BY CHRISTINE SCHAEFER
For The Daily Journal

INDIANAPOLIS — Ted Jacobs, drama director at Greenfield-Central High School, can be found most afternoons in front of the stage, encouraging young thespians in the art of the theater. In an average year, Jacobs’ drama program consists of four or five productions.

But this holiday season finds him onstage at Theatre on the Square in the narrator role many will recognize: Grown-up Ralphie recounting a most memorable Christmas – the year he got a Red Ryder BB gun.

This live stage version of “A Christmas Story” is based on the movie of the same name, which follows the story of Ralphie and his lovingly dysfunctional family, just trying to survive the holidays — ugly outfits, failed dinners, curse words and all.

Recently, Jacobs talked with the Daily Reporter about stepping on stage as part of this beloved holiday tale.

Q. What was it about “A Christmas Story” that appealed to you?

“A Christmas Story” is a hilarious adaptation of my life! I grew up in northern Indiana and actually lived this life. If you saw pictures of me when I was a little kid, I even looked like Ralphie. I wanted — and got — a BB gun; I had an Aunt Clara, though she didn’t send me pink bunny pajamas (I’m not saying I wouldn’t have worn them); I had a painful crush on a certain fourth-grader named Candy; and I was mercilessly picked on by a certain group of kids. So when I heard that the director was going to be Dan Scharbrough, I couldn’t help but audition. Dan is one of my favorite people in the world, and after doing “The Music Man” here in Greenfield (with the Ricks-Weil Theatre Company in 2014) with him, I couldn’t help but audition.

Q. You’re known for your singing voice and usually appear in musicals. “A Christmas Story” is a play with no music. Has it been different?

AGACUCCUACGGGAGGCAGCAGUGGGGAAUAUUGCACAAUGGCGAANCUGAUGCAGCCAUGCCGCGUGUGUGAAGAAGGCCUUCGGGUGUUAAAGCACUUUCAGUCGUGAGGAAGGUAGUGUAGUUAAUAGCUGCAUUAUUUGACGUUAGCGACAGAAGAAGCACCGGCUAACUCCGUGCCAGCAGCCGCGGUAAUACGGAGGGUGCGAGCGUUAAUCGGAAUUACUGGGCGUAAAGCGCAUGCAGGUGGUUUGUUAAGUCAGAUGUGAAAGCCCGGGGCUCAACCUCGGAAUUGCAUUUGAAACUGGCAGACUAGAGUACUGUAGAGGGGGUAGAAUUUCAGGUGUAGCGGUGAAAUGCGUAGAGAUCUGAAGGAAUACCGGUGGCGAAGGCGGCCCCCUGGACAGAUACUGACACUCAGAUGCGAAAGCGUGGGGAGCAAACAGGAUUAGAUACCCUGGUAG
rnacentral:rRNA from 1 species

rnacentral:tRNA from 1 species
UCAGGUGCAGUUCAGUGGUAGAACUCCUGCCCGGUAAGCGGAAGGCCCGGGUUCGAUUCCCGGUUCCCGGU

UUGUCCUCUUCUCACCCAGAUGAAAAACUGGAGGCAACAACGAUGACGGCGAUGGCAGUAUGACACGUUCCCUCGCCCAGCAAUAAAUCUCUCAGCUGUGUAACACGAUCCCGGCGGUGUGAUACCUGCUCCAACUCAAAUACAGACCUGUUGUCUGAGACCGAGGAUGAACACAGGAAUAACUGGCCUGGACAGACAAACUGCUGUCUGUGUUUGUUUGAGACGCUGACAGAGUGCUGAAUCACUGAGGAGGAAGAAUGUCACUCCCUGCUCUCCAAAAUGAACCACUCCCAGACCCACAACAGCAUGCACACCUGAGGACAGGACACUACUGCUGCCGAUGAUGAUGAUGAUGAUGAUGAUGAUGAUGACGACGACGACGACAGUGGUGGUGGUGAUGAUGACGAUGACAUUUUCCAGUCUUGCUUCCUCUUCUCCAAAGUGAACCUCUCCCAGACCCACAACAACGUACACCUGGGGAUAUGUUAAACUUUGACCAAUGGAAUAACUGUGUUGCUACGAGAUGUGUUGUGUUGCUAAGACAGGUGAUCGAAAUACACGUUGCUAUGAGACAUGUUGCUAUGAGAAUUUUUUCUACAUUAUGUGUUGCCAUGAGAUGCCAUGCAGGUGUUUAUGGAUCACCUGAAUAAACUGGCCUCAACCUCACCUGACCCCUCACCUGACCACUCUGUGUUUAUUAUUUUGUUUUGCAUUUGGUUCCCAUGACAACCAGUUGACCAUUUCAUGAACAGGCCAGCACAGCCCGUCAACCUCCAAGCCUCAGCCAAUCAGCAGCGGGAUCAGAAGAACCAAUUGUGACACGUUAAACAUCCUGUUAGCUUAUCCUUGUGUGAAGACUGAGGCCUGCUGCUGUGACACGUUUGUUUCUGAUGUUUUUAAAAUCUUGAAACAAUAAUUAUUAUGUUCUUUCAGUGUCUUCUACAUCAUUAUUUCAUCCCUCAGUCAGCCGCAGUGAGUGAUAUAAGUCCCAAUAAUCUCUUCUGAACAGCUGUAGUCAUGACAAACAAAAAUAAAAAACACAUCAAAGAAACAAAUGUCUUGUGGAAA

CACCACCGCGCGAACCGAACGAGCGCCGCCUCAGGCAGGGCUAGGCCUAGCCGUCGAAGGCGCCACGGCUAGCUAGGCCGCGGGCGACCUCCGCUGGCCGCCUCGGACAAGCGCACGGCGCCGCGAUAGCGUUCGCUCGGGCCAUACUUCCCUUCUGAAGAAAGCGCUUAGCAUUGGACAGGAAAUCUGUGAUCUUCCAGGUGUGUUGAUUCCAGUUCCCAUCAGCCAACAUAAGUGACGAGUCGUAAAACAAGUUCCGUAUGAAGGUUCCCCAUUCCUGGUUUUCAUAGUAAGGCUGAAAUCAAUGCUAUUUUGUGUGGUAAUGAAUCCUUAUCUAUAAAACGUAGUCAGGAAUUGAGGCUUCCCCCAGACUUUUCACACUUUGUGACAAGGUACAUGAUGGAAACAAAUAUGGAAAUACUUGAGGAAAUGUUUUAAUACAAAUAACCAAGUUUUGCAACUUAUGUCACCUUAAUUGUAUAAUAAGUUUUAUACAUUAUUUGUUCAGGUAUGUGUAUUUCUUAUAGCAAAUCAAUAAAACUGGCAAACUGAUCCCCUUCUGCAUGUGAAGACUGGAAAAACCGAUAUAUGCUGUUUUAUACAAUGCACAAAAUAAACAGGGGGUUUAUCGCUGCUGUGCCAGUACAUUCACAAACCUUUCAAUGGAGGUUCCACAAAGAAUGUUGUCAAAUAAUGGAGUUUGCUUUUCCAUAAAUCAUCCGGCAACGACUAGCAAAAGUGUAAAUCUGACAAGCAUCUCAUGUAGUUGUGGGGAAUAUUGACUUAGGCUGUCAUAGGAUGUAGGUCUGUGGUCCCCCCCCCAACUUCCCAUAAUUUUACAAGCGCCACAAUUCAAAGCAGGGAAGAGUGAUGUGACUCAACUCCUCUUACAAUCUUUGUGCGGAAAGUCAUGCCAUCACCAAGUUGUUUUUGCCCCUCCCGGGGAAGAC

Hugely different. In this production, I’m on stage the whole time. I never leave except at intermission, so I don’t have time to review my lines between times I’m on stage. Additionally, in full-length plays, the scenes are longer.

In musicals, the scenes, I believe, are a means to get to the music, which makes them shorter, and since there’ s music, it’s often easier to memorize, since you’re using multiple parts of your brain.

I love musicals. There’s no question about it. I think I’m a reasonable singer, but this show has such a great reputation and wonderful message that it was a no-brainer for me to want to be in it.

Q. You’re usually the director. What’s it like to be directed?

I love being directed. When you’ve directed as many shows as I have at Greenfield-Central High School, you kind of get pigeon-holed as a director.

Oftentimes, people think directors have all the answers. I know I don’t, and I hate that people think that. I try to keep my opinions to myself and go along for the experience. Sometimes, I interject if I feel that the director is stumped or is looking for an idea or blatantly asks, but otherwise, I try to be as respectful of someone else’s ideas as I can. Honestly, I am just humbled by being asked to audition and then to be given a part. It’s still thrilling.

Q. Which do you like better: directing or acting?

I’m not sure. I’m a teacher first, so remembering what it’s like to be a performer really helps my perspective for when I direct students. Too often, I believe, we get caught up in the role of being an actor, techie or director and lose sight of the other roles. If I’m doing my job right, I’m learning from experiences like these and am becoming a better teacher because of it. That’s my goal. However, I’m a performer at heart, so performing — and in doing so, making someone smile or laugh — is really endearing to me. So, in short, the answer is that I really like performing more than directing — most of the time!